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Journal of Cancer Survivorship

, Volume 12, Issue 3, pp 407–416 | Cite as

The continuum of breast cancer care and outcomes in the U.S. Military Health System: an analysis by benefit type and care source

  • Yvonne L. Eaglehouse
  • Stephanie Shao
  • Wenyaw Chan
  • Derek Brown
  • Janna Manjelievskaia
  • Craig D. Shriver
  • Kangmin Zhu
Article
  • 97 Downloads

Abstract

Purpose

This study investigates transition rates between breast cancer diagnosis, recurrence, and death by insurance benefit type and care source in U.S. Military Health System (MHS).

Methods

The MHS data repository and central cancer registry linked data were used to identify women aged 40–64 with histologically confirmed breast cancer between 2003 and 2007. Three-state continuous time Markov models were used to estimate transition rates and transition rate ratios (TRRs) by TRICARE benefit type (Prime or non-Prime) and care source (direct, purchased, or both), adjusted for demographic, tumor, and treatment variables.

Results

Analyses included 2668 women with transitions from diagnosis to recurrence (n = 832), recurrence to death (n = 79), and diagnosis to death without recurrence (n = 91). Compared to women with Prime within each care source, women with non-Prime using both care sources had higher transition rates (TRR 1.47, 95% CI 1.03, 2.10). Compared to those using direct care within each benefit type, women utilizing both care sources with non-Prime had higher transition rates (TRR 1.86, 95% CI 1.11, 3.13), while women with Prime utilizing purchased care had lower transition rates (TRR 0.82, 95% CI 0.68, 0.98).

Conclusions

In the MHS, women with non-Prime benefit plans compared to Prime had higher transition rates along the breast cancer continuum among both care source users. Purchased care users had lower transition rates than direct care users among Prime beneficiaries.

Implications for Cancer Survivors

Benefit plan and care source may be associated with breast cancer progression. Further research is needed to demonstrate differences in survivorship.

Keywords

Health services Breast cancer Insurance Recurrence Survival 

Notes

Acknowledgements

This project was supported by the John P. Murtha Cancer Center, Uniformed Services University of the Health Sciences and Walter Reed National Military Medical Center under the auspices of the Henry M. Jackson Foundation for the Advancement of Military Medicine. The original data linkage was supported by the former United States Military Cancer Institute and Division of Cancer Epidemiology and Genetics, National Cancer Institute. The authors thank the following institutes for their contributions to the original data linkage project: ICF Macro, Kennel and Associates, Inc., the Defense Health Agency, the Joint Pathology Center and former Armed Forces Institute of Pathology, and the National Cancer Institute.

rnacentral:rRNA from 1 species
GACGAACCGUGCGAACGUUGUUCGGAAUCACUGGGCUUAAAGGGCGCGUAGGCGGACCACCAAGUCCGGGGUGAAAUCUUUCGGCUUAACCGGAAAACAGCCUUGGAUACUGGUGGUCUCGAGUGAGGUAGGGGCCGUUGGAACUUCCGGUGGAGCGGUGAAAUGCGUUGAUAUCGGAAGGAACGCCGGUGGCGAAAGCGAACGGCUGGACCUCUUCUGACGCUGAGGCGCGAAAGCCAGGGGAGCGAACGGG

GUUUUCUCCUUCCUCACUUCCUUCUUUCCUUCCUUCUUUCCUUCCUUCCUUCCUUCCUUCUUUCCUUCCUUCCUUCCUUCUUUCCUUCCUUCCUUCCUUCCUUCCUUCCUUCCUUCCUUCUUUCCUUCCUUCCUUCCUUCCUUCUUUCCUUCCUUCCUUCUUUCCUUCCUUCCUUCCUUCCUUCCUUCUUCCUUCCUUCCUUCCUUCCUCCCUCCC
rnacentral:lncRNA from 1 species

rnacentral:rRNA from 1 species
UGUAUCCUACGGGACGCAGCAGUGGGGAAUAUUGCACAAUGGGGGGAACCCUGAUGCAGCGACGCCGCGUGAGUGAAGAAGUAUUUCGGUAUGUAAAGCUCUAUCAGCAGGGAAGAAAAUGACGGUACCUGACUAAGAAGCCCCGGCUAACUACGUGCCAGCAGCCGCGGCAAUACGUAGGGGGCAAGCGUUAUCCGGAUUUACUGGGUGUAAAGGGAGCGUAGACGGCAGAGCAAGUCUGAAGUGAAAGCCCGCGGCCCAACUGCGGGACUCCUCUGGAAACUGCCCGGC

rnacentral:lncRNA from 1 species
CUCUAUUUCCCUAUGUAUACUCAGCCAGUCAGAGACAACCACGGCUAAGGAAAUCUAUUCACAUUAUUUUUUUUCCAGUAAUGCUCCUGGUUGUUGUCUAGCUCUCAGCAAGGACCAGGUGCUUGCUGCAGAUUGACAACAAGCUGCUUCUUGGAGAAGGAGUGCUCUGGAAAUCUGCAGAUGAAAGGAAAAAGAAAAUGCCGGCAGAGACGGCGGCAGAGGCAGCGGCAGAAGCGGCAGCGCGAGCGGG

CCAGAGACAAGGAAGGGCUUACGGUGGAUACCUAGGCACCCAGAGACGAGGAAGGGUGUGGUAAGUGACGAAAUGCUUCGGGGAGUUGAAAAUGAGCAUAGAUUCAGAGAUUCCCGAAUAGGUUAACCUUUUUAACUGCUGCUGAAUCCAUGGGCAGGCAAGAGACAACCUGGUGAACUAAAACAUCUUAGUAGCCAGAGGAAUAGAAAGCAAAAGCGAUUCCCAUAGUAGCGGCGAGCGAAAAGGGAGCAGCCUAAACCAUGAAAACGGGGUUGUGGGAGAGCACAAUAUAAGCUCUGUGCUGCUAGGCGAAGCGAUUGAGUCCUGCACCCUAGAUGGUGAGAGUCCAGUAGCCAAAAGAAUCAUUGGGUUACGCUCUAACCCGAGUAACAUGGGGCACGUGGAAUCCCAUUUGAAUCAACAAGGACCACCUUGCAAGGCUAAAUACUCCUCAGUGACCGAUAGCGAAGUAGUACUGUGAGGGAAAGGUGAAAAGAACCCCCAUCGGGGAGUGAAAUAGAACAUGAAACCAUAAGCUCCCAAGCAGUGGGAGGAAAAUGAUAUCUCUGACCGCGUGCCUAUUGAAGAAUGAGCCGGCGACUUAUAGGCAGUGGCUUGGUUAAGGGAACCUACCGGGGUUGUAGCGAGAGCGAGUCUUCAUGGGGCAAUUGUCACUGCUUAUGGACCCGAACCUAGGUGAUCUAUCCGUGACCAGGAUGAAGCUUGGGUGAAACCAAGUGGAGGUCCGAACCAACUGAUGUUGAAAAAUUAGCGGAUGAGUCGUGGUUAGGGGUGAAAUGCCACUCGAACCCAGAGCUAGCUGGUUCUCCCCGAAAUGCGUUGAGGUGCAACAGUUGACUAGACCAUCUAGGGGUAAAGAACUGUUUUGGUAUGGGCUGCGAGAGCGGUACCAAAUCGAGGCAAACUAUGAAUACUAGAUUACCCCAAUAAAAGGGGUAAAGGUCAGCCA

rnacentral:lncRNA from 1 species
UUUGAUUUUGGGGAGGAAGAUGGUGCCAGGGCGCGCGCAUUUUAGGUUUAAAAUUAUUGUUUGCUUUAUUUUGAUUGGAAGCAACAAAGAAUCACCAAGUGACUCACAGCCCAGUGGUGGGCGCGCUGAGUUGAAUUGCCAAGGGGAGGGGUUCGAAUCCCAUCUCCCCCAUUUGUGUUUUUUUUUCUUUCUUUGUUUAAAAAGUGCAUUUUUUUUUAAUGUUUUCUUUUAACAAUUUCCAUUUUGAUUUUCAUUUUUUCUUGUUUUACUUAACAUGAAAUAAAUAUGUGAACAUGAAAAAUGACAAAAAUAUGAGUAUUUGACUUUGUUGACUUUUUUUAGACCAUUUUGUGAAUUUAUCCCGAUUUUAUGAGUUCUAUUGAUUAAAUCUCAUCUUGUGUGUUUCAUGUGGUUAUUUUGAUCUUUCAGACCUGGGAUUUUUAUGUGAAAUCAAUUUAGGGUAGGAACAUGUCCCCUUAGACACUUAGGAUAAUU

Compliance with ethical standards

Conflict of interest

The authors declare that they have no conflict of interest.

Disclaimer

The contents of this publication are the sole responsibility of the authors and do not necessarily reflect the views, assertions, opinions, or policies of the Uniformed Services University of the Health Sciences (USUHS), the Department of Defense (DoD), or the Departments of the Army, Navy, or Air Force. Mention of trade names, commercial products, or organizations does not imply endorsement by the U.S. Government.

Supplementary material

11764_2018_680_MOESM1_ESM.pdf (269 kb)
ESM 1 (PDF 269 kb)

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Copyright information

© Springer Science+Business Media, LLC, part of Springer Nature 2018

Authors and Affiliations

  • Yvonne L. Eaglehouse
    • 1
    • 2
  • Stephanie Shao
    • 1
  • Wenyaw Chan
    • 3
  • Derek Brown
    • 1
  • Janna Manjelievskaia
    • 1
  • Craig D. Shriver
    • 1
    • 2
  • Kangmin Zhu
    • 1
    • 4
  1. 1.John P. Murtha Cancer CenterUniformed Services University of the Health Sciences and Walter Reed National Military Medical CenterRockvilleUSA
  2. 2.Department of SurgeryUniformed Services University of the Health SciencesBethesdaUSA
  3. 3.University of Texas Health Science Center at HoustonHoustonUSA
  4. 4.Department of Preventive Medicine and BiostatisticsUniformed Services University of the Health SciencesBethesdaUSA

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